# Fixed coupon for CDS index

Here is the fixed coupon for CDS index in John Hull's book Options, Futures and Other Derivatives 9th page 580.

Actually, I don't much understand the goal of this part, here is some of my understanding, I am not sure whether it is right.

Assume there is only one company in the index, the buyer of CDS will pay the coupon $c$ to seller every quarter until the default occurs.

Seller will pay the the protection $(1-R)B$ when the default occurs. As the definition of spread, seller equivalently pays the spread $s$ to buyer every quarter until the default occurs.

$D$ is the present value of paying $1$ every quarter until the default occurs. So the present value of this contract of notional principle $1$ is $$D\times (s-c)$$

which is the amount buyer should pay for the seller at beginning.

Are the above statements right? But why do we need the coupon $c?$ We can set $c=0$ to simply the process i.e there is only one cash flow from the seller during the contract.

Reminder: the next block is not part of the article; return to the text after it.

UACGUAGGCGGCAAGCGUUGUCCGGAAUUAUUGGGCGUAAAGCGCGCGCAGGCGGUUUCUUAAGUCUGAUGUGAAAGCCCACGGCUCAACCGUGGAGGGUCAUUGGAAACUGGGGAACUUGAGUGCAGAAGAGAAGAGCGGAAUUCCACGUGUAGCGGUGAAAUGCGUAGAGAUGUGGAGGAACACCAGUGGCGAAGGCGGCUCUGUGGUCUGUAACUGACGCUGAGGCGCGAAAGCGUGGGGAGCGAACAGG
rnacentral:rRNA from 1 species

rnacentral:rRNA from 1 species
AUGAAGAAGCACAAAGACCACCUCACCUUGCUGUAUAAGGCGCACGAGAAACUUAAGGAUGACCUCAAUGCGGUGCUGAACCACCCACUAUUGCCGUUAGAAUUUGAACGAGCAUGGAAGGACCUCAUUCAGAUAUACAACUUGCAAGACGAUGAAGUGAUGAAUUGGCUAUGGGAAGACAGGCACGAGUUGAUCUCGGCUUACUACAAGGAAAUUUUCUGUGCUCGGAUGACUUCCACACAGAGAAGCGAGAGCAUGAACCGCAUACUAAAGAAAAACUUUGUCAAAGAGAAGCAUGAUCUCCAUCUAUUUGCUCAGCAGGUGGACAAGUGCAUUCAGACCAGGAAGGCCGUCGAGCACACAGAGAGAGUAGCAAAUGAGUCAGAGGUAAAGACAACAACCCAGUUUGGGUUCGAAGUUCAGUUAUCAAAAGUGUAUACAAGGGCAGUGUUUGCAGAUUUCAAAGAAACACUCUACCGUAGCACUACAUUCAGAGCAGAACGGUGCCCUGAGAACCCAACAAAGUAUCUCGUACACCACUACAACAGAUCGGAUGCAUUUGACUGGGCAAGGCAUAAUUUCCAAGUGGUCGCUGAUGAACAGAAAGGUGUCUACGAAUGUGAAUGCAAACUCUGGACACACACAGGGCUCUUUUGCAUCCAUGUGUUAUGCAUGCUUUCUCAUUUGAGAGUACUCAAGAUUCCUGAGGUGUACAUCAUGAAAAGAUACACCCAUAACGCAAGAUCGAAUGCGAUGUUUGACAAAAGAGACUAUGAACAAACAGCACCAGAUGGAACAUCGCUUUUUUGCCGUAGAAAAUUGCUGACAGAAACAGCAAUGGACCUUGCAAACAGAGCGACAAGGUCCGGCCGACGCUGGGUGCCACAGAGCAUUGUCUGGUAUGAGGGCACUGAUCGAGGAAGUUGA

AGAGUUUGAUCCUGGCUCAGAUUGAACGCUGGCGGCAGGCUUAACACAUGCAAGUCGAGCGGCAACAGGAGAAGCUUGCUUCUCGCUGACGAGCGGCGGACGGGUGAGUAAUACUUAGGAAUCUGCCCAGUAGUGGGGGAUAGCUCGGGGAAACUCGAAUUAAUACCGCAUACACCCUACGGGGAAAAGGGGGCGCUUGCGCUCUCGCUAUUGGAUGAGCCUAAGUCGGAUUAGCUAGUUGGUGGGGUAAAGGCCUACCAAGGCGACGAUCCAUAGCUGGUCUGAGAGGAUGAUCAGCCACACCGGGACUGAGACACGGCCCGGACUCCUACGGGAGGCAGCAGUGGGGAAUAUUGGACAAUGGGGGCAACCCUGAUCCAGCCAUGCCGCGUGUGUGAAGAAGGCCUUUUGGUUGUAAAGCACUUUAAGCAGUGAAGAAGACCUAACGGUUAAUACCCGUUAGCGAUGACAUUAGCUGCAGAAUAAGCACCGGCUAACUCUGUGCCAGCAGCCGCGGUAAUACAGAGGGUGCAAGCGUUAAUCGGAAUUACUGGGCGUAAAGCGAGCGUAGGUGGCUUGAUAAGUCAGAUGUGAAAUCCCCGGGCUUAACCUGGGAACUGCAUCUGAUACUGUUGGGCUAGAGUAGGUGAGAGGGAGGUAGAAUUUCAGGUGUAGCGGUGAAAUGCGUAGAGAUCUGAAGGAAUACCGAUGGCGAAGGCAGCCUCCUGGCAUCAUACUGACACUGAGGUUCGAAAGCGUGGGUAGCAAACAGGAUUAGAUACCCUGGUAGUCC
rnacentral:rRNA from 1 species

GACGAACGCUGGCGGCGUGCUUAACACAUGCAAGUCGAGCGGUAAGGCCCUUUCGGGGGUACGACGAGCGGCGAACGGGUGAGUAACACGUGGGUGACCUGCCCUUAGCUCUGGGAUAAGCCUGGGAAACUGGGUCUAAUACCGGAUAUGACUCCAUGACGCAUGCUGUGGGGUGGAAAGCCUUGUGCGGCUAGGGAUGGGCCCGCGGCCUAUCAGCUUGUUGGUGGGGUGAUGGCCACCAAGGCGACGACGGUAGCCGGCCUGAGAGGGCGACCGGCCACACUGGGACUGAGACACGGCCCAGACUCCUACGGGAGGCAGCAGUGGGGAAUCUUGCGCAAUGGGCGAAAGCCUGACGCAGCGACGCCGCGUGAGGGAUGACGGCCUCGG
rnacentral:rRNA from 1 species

## 1 Answer

Coupons are there to reduce the counterparty risk between the seller and the buyer. If you didn't have that 500 bp coupon on a high yield bond the protection buyer would have to make a big payment upfront then wave it goodbye when the protection seller defaults. It also helps standardizing contracts (same quarterly payments whatever the spread you entered the contract at).

• thanks, is my understanding of the value of CDS index right? – A.Oreo Aug 30 '17 at 10:40
• No, the seller doesn't pay the spread to the buyer. The spread is just used to compute the initial cash outflow (and subsequently the mark-to-market). If the spread is 150 bps and the coupon is 100 bps, the initial price of the CDS is 50 bps * duration. – Lliane Aug 30 '17 at 14:03
• As mentionned in the book the regular quarterly payments are independent of the spread. – Lliane Aug 30 '17 at 14:10
• yeah,, I mean the seller only pays the protection when the default occurs, and the present value of this equals to pay the spread every quarter. – A.Oreo Aug 30 '17 at 14:20
• thank you for your help, I am recently reading credit products in John Hull's, maybe there are a lot of questions. – A.Oreo Aug 30 '17 at 17:22